Steele Absent From Bush GOP Fundraiser
Thursday, June 1, 2006
President Bush shuttled into Maryland last night to help the state Republican Party raise more than $1 million for a number of high-profile 2006 races, but only one of the state's two marquee Republican candidates joined him.
Gov. Robert L. Ehrlich Jr. stood on a riser shoulder to shoulder with the president, but the party's leading candidate for an open U.S. Senate seat in Maryland, Lt. Gov. Michael S. Steele, was absent. Steele had a scheduling conflict, campaign spokesman Doug Heye said.
In a speech to 300 Ehrlich loyalists, Bush focused on what he said were the high points of the governor's first term, including initiatives to promote charter schools and the health of the Chesapeake Bay.
"I like Bob Ehrlich because he's not afraid to take on problems," Bush said. "Bob Ehrlich is a problem solver."
As they waited for the president to speak in a hotel ballroom near Baltimore-Washington International Thurgood Marshall Airport, several Republicans in the crowd said they were not concerned about Bush's poll numbers in Maryland. His approval rating in the state has dipped below 30 percent, according to a recent poll.
Democrats were eager to promote Bush's appearance, figuring it wouldn't help Ehrlich politically.
"We encourage him to come back every day and spend more and more time with Governor Ehrlich," a grinning Baltimore Mayor Martin O'Malley said at a news event yesterday morning. O'Malley and Montgomery County Executive Douglas M. Duncan are the two Democrats seeking to unseat Ehrlich this fall.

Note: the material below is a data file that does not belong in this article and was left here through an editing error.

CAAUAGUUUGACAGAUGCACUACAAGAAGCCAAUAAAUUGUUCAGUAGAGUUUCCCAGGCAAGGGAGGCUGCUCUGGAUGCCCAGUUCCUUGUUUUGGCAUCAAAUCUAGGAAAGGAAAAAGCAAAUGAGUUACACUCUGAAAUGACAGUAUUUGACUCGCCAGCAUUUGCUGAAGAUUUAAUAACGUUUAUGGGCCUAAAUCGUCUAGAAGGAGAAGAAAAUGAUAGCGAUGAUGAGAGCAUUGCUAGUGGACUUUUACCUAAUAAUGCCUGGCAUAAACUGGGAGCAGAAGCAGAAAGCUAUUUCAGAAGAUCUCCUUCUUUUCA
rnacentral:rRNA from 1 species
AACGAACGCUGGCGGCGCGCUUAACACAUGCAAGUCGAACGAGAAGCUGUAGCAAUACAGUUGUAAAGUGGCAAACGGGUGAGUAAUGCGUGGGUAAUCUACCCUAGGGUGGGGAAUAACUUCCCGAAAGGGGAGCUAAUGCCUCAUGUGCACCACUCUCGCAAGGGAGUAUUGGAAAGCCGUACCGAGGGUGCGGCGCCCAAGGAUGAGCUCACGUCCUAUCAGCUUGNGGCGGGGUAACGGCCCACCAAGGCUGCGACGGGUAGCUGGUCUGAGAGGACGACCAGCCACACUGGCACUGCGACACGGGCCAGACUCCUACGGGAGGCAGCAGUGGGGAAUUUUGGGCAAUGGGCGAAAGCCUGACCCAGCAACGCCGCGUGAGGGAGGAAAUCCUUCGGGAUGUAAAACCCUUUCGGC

Democratic Party officials also were quick to spotlight Steele's decision to miss the event. Steele was in Nevada to attend a fundraiser in his honor, his campaign aides said.
Analysts disagreed over whether Steele was sending a message. The lieutenant governor has not been shy about appearing close to the president, having taken part in numerous events with Bush's close aides and relatives and a fundraiser headlined by Bush.
Jennifer Duffy, managing editor of the nonpartisan Cook Political Report, said it is one thing for a candidate to pass on an event with the president if he has a clear conflict, such as a pending vote on Capitol Hill. "It's a lot harder to explain that you didn't attend an event with the president because you were going to an event hosted by a senator from another state," Duffy said. "I think you have to assume there is some element of him distancing himself not only from the president, but from the party."
In Maryland, any Republican running statewide will have to reach across the aisle for votes. The state's registered Democrats outnumber Republicans by nearly two to one.
Steele's candidacy, in particular, has been designed to draw support from black voters who may be disaffected Democrats but still disapprove of Bush in overwhelming numbers. One internal Democratic Party poll recently put Bush's support from black voters in Maryland at 8 percent.